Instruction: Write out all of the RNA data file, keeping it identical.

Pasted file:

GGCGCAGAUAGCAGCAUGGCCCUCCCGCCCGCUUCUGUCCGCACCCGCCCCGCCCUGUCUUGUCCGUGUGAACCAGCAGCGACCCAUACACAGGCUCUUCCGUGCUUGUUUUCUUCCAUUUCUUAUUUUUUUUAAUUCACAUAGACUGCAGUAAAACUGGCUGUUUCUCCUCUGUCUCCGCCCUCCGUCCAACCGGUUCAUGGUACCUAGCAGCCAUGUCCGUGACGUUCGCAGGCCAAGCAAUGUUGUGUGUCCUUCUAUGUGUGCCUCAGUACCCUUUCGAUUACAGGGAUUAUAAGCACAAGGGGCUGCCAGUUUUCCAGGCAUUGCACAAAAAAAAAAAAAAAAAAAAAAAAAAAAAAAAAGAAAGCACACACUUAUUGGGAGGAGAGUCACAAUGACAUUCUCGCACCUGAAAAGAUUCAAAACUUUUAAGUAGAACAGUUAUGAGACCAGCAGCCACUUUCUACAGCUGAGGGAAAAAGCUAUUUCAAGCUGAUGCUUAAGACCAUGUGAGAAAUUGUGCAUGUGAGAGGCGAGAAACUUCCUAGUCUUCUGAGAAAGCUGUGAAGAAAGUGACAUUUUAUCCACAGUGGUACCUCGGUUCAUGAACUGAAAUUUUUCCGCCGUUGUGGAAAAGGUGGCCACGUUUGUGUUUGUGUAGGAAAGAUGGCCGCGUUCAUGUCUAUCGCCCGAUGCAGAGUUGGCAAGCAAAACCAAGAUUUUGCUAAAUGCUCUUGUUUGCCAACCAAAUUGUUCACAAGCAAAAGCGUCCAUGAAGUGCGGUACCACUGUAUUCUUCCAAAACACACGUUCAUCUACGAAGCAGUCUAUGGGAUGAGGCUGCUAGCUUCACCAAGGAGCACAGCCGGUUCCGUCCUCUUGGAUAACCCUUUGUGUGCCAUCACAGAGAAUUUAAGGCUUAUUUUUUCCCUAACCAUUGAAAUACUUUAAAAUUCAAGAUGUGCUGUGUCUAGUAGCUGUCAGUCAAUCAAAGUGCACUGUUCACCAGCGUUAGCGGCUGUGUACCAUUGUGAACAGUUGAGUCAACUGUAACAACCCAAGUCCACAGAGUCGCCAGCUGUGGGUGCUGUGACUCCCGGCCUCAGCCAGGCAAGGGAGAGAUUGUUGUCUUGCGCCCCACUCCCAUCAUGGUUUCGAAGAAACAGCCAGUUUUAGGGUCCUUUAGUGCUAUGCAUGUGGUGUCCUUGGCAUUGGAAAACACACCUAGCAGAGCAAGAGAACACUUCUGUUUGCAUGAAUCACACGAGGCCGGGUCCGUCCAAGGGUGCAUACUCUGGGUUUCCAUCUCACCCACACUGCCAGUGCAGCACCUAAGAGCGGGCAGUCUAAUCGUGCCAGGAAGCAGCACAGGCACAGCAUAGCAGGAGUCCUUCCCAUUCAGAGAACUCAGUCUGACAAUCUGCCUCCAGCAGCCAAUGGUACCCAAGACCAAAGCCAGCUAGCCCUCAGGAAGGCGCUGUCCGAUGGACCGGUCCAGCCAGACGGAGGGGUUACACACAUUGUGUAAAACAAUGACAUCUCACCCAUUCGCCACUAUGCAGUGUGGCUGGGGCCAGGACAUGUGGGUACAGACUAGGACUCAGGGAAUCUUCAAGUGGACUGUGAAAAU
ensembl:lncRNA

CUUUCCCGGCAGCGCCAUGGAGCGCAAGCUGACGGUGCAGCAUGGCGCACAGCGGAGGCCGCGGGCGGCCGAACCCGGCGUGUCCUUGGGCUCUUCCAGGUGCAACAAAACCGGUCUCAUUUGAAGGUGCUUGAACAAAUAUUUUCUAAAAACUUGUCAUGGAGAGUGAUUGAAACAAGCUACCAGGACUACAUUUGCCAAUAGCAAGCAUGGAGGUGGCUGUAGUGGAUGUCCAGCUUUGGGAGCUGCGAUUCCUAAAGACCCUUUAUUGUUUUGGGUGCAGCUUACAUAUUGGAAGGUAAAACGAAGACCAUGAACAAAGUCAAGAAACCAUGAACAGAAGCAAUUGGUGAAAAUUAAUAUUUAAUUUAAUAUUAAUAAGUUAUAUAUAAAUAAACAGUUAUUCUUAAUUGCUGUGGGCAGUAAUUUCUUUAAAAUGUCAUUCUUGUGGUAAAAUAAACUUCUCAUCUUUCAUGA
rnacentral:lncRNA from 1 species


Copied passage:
GGCGCAGAUAGCAGCAUGGCCCUCCCGCCCGCUUCUGUCCGCACCCGCCCCGCCCUGUCUUGUCCGUGUGAACCAGCAGCGACCCAUACACAGGCUCUUCCGUGCUUGUUUUCUUCCAUUUCUUAUUUUUUUUAAUUCACAUAGACUGCAGUAAAACUGGCUGUUUCUCCUCUGUCUCCGCCCUCCGUCCAACCGGUUCAUGGUACCUAGCAGCCAUGUCCGUGACGUUCGCAGGCCAAGCAAUGUUGUGUGUCCUUCUAUGUGUGCCUCAGUACCCUUUCGAUUACAGGGAUUAUAAGCACAAGGGGCUGCCAGUUUUCCAGGCAUUGCACAAAAAAAAAAAAAAAAAAAAAAAAAAAAAAAAAGAAAGCACACACUUAUUGGGAGGAGAGUCACAAUGACAUUCUCGCACCUGAAAAGAUUCAAAACUUUUAAGUAGAACAGUUAUGAGACCAGCAGCCACUUUCUACAGCUGAGGGAAAAAGCUAUUUCAAGCUGAUGCUUAAGACCAUGUGAGAAAUUGUGCAUGUGAGAGGCGAGAAACUUCCUAGUCUUCUGAGAAAGCUGUGAAGAAAGUGACAUUUUAUCCACAGUGGUACCUCGGUUCAUGAACUGAAAUUUUUCCGCCGUUGUGGAAAAGGUGGCCACGUUUGUGUUUGUGUAGGAAAGAUGGCCGCGUUCAUGUCUAUCGCCCGAUGCAGAGUUGGCAAGCAAAACCAAGAUUUUGCUAAAUGCUCUUGUUUGCCAACCAAAUUGUUCACAAGCAAAAGCGUCCAUGAAGUGCGGUACCACUGUAUUCUUCCAAAACACACGUUCAUCUACGAAGCAGUCUAUGGGAUGAGGCUGCUAGCUUCACCAAGGAGCACAGCCGGUUCCGUCCUCUUGGAUAACCCUUUGUGUGCCAUCACAGAGAAUUUAAGGCUUAUUUUUUCCCUAACCAUUGAAAUACUUUAAAAUUCAAGAUGUGCUGUGUCUAGUAGCUGUCAGUCAAUCAAAGUGCACUGUUCACCAGCGUUAGCGGCUGUGUACCAUUGUGAACAGUUGAGUCAACUGUAACAACCCAAGUCCACAGAGUCGCCAGCUGUGGGUGCUGUGACUCCCGGCCUCAGCCAGGCAAGGGAGAGAUUGUUGUCUUGCGCCCCACUCCCAUCAUGGUUUCGAAGAAACAGCCAGUUUUAGGGUCCUUUAGUGCUAUGCAUGUGGUGUCCUUGGCAUUGGAAAACACACCUAGCAGAGCAAGAGAACACUUCUGUUUGCAUGAAUCACACGAGGCCGGGUCCGUCCAAGGGUGCAUACUCUGGGUUUCCAUCUCACCCACACUGCCAGUGCAGCACCUAAGAGCGGGCAGUCUAAUCGUGCCAGGAAGCAGCACAGGCACAGCAUAGCAGGAGUCCUUCCCAUUCAGAGAACUCAGUCUGACAAUCUGCCUCCAGCAGCCAAUGGUACCCAAGACCAAAGCCAGCUAGCCCUCAGGAAGGCGCUGUCCGAUGGACCGGUCCAGCCAGACGGAGGGGUUACACACAUUGUGUAAAACAAUGACAUCUCACCCAUUCGCCACUAUGCAGUGUGGCUGGGGCCAGGACAUGUGGGUACAGACUAGGACUCAGGGAAUCUUCAAGUGGACUGUGAAAAU
ensembl:lncRNA

CUUUCCCGGCAGCGCCAUGGAGCGCAAGCUGACGGUGCAGCAUGGCGCACAGCGGAGGCCGCGGGCGGCCGAACCCGGCGUGUCCUUGGGCUCUUCCAGGUGCAACAAAACCGGUCUCAUUUGAAGGUGCUUGAACAAAUAUUUUCUAAAAACUUGUCAUGGAGAGUGAUUGAAACAAGCUACCAGGACUACAUUUGCCAAUAGCAAGCAUGGAGGUGGCUGUAGUGGAUGUCCAGCUUUGGGAGCUGCGAUUCCUAAAGACCCUUUAUUGUUUUGGGUGCAGCUUACAUAUUGGAAGGUAAAACGAAGACCAUGAACAAAGUCAAGAAACCAUGAACAGAAGCAAUUGGUGAAAAUUAAUAUUUAAUUUAAUAUUAAUAAGUUAUAUAUAAAUAAACAGUUAUUCUUAAUUGCUGUGGGCAGUAAUUUCUUUAAAAUGUCAUUCUUGUGGUAAAAUAAACUUCUCAUCUUUCAUGA
rnacentral:lncRNA from 1 species